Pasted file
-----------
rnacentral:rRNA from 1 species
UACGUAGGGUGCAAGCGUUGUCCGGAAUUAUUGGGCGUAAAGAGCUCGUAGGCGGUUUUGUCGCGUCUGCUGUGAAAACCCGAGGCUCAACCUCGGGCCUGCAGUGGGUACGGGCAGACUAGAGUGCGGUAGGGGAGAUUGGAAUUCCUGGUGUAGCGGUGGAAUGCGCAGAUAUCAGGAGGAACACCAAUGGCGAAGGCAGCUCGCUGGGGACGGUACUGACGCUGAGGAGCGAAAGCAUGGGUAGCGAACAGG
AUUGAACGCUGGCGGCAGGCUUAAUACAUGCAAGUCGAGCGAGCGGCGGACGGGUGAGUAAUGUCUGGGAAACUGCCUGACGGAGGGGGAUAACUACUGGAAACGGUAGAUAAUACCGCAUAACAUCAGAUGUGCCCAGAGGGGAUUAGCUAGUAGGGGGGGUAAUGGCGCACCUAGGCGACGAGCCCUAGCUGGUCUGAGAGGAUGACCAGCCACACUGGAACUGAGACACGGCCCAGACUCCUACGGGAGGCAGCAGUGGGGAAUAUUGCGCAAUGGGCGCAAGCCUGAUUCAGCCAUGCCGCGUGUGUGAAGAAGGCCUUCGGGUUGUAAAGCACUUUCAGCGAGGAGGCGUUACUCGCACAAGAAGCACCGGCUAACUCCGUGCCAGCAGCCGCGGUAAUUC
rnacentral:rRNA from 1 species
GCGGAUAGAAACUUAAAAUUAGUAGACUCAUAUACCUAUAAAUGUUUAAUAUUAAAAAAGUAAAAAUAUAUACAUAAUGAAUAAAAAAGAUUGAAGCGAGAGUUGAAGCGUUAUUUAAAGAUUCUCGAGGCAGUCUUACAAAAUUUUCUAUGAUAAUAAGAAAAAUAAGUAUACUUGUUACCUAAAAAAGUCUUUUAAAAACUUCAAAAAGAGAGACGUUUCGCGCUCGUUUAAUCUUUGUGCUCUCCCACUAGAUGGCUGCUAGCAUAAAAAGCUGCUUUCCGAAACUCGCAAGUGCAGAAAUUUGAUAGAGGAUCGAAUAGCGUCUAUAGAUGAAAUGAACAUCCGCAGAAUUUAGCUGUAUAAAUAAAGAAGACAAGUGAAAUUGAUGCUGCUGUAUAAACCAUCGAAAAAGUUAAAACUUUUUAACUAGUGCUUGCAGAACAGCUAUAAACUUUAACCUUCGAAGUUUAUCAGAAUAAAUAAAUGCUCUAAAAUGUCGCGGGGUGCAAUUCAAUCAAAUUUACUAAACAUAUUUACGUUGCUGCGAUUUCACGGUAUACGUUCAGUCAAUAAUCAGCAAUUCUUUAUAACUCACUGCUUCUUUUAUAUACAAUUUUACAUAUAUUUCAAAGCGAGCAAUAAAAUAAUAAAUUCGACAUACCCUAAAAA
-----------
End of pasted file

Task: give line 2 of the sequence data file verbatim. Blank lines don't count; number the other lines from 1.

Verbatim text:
UACGUAGGGUGCAAGCGUUGUCCGGAAUUAUUGGGCGUAAAGAGCUCGUAGGCGGUUUUGUCGCGUCUGCUGUGAAAACCCGAGGCUCAACCUCGGGCCUGCAGUGGGUACGGGCAGACUAGAGUGCGGUAGGGGAGAUUGGAAUUCCUGGUGUAGCGGUGGAAUGCGCAGAUAUCAGGAGGAACACCAAUGGCGAAGGCAGCUCGCUGGGGACGGUACUGACGCUGAGGAGCGAAAGCAUGGGUAGCGAACAGG